From 1973 to 2014, the common stock of U.S. banks with loan growth in the top quartile of banks over a three-year period significantly underperforms the common stock of banks with loan growth in the bottom quartile over the next three years. The benchmark-adjusted cumulative difference in performance over three years exceeds twelve percentage points. The high growth banks also have significantly higher crash risk over the three-year period. This poor performance is explained by fast loan growth as asset growth separate from loan growth is not followed by poor performance. These banks reserve less for loan losses when their loans grow quickly than other banks. Subsequently, they have a lower return on assets and increase their loan loss reserves. The poorer performance of the fast growing banks is not explained by merger activity and loan growth through mergers is not accompanied by the same poor loan performance. The evidence is consistent with fast-growing banks, analysts, and investors failing to properly appreciate the extent to which the fast loan growth results from making riskier loans and failing to charge for these risks correctly.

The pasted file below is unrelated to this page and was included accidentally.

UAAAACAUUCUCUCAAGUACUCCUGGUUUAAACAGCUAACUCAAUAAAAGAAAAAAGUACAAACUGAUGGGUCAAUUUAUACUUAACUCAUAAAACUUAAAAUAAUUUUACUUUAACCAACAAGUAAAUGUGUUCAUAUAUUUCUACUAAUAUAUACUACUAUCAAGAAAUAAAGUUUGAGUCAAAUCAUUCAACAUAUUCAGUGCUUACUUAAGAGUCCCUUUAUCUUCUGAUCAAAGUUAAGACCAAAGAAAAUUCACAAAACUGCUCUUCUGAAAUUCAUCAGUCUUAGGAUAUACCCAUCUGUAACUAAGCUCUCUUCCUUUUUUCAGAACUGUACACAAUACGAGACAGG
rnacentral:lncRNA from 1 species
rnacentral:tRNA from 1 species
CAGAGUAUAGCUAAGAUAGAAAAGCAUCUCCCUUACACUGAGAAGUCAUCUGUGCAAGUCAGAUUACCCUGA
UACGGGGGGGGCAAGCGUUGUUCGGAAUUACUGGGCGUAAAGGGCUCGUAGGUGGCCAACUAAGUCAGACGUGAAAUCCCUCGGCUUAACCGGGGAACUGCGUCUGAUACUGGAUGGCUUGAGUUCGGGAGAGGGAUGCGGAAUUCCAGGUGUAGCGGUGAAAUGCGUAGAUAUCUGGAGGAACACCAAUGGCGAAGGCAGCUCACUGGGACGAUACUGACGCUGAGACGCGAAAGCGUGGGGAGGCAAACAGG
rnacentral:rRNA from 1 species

Rudiger Fahlenbrach, Robert Prilmeier, Rene M. Stulz
Review of Financial Studies